About 601 Tully
Check out our new website! 601Tully.syr.edu
601 Tully is a center for engaged practice in Syracuse, NY developed by artist and professor Marion Wilson with a rotating collaborative team of 54 students and neighbors and Anda French of French 2Design. It's a site for meaningful exchange between artists, community members, and scholars in the co-production of culture.
601 Tully includes a contemporary art space, a public events space, a bookstore, a teaching garden, and Recess Cafe West.
In 2009, Wilson purchased the condemned two-story home and local drug hub, and throughout five semesters, Wilson's design/build class re-zoned, designed, renovated and now sustains the physical and programmatic aspects of 601 Tully. The collaborative team has consisted of artists, architects, environmentalists, Fowler High School students, Green Train Workforce, neighbors, and the occasional passerby.
601 Tully is made possible by the generous support of the Syracuse University School of Education, The Kauffman Foundation, The Near West Side Initiative, Imagining America, Home HeadQuarters Inc., Say Yes to Education, and National Grid.
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Friday, February 19, 2010
here is a combined industrial design/architecture/landscape architecture class hosting a listening session to hear about food systems issues as they relate to stakeholders from 7 sectors of the food system this Friday 12-2 pm in the auditorium of the SU Warehouse, downtown. I spoke with Matt Potteiger, ESF Landscape Architecture professor and he said your group is more than welcome to attend.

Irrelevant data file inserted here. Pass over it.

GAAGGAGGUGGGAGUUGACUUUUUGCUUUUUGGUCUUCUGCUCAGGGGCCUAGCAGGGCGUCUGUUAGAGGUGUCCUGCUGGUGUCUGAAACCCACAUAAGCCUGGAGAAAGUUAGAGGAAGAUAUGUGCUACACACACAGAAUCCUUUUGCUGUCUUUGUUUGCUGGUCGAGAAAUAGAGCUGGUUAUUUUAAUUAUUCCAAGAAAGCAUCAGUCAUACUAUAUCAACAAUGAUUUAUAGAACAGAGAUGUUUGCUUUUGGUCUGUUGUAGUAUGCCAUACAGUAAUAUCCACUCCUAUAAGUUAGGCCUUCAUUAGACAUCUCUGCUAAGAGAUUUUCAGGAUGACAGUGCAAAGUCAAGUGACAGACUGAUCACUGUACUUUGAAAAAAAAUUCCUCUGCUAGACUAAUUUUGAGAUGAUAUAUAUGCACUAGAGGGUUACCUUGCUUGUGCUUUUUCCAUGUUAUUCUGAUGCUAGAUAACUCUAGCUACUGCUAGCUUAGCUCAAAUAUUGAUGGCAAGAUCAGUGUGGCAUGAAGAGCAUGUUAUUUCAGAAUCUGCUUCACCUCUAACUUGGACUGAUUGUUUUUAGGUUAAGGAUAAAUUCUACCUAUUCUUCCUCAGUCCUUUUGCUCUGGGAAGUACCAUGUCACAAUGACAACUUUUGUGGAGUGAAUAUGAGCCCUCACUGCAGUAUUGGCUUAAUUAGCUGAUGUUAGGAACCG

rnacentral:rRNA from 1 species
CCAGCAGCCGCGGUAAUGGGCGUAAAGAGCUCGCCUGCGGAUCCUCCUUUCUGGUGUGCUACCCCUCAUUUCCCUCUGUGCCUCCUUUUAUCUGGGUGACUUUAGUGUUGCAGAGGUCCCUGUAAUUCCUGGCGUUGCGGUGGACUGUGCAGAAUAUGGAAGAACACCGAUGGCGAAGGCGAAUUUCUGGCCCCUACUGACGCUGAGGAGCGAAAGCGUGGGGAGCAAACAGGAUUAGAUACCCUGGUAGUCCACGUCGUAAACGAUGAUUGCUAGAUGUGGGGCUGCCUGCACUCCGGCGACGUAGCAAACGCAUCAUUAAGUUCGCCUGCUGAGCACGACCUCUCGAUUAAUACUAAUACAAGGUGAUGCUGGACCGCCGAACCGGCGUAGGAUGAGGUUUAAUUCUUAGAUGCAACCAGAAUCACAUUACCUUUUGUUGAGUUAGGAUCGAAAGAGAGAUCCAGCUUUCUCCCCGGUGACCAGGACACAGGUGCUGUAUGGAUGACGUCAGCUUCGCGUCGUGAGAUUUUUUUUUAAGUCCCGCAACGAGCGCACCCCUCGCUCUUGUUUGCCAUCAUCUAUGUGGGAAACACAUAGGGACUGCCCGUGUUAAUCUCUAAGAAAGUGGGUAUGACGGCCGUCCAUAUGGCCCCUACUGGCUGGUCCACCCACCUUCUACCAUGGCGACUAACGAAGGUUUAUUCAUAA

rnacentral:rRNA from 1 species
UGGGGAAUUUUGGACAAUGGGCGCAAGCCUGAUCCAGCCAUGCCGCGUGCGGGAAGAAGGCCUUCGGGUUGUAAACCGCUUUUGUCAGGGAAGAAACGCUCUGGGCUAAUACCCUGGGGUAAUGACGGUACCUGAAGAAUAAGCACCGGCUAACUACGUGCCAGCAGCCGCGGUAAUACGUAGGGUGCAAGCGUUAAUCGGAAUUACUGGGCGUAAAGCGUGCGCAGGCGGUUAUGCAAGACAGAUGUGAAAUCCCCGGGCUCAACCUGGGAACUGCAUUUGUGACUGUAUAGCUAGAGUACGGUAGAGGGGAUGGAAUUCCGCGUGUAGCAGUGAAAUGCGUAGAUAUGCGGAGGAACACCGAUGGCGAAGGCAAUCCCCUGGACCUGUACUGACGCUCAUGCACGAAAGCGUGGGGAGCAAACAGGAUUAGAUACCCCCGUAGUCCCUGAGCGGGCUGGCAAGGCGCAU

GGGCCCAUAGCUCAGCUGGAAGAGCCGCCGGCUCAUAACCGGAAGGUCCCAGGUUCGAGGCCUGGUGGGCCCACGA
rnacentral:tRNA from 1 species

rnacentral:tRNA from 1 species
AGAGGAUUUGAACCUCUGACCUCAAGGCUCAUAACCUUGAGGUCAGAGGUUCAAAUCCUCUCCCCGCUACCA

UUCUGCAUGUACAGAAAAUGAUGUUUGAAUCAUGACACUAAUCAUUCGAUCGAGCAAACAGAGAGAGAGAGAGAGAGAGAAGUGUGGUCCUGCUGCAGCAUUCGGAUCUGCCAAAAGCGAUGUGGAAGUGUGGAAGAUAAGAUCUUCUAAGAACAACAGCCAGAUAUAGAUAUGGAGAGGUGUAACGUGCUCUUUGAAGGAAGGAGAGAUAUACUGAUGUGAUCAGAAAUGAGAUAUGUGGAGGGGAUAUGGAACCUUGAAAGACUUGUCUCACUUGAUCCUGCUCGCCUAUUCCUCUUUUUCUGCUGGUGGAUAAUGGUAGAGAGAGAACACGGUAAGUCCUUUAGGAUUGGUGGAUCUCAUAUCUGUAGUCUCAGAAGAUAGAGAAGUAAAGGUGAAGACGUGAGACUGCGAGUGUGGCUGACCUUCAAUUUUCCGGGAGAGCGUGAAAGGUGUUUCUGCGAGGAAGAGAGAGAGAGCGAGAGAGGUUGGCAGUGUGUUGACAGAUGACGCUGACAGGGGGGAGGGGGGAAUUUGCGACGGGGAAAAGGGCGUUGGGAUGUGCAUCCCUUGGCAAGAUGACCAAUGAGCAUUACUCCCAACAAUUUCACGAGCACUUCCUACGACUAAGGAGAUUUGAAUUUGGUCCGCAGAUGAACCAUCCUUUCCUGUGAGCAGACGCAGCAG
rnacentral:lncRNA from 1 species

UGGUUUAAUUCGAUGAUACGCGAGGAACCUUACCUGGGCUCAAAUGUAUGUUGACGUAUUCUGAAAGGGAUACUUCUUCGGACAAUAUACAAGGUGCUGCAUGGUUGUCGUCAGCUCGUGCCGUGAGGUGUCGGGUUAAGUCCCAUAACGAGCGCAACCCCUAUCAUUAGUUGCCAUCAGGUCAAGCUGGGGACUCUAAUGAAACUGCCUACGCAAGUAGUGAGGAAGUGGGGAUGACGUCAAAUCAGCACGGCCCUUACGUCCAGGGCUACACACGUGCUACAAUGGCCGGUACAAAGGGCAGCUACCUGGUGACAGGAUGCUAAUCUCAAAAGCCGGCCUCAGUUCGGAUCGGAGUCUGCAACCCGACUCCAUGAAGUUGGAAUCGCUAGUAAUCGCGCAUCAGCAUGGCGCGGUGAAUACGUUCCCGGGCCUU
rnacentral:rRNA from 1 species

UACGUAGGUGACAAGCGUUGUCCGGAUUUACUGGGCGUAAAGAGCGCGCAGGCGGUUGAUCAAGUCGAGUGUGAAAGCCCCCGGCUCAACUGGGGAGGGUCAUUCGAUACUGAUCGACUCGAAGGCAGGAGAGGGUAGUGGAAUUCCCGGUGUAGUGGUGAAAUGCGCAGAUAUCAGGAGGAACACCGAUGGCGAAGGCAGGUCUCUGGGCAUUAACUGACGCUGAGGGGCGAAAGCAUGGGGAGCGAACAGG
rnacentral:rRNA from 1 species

Participants include:A representative from Grinestone Farm, a local organic farm 35 minutes north of Syracuse
A representative of Syracuse Grows
A representative from the Near Westside Initiative talking about plans for an urban greenhouse and farm
A rep from a local soup kitchen
A rep from the CNY Regional Farmers’ Market
A rep from Madison County’s Bounty Program and the Coordinator of Agricultural Economic Development
A rep from the board of the Mobile Market and a Director of Senior Nutrition Services for Onondaga County
Participants have been asked to address the following questions:
- What is the mission of your organization?
- Do you rely specifically on particular funding sources for your work, and if so, what are your funding cycles and do these impact your work?
- What are your long-term goals within your organization's mission?
- Given the realities of everyday life, what do you find that you actually do most of the time if different than these goals?
- What it is that you wish you could do; what might be your vision statement?
- What gaps do you see in the regional food system from your organization's point of view?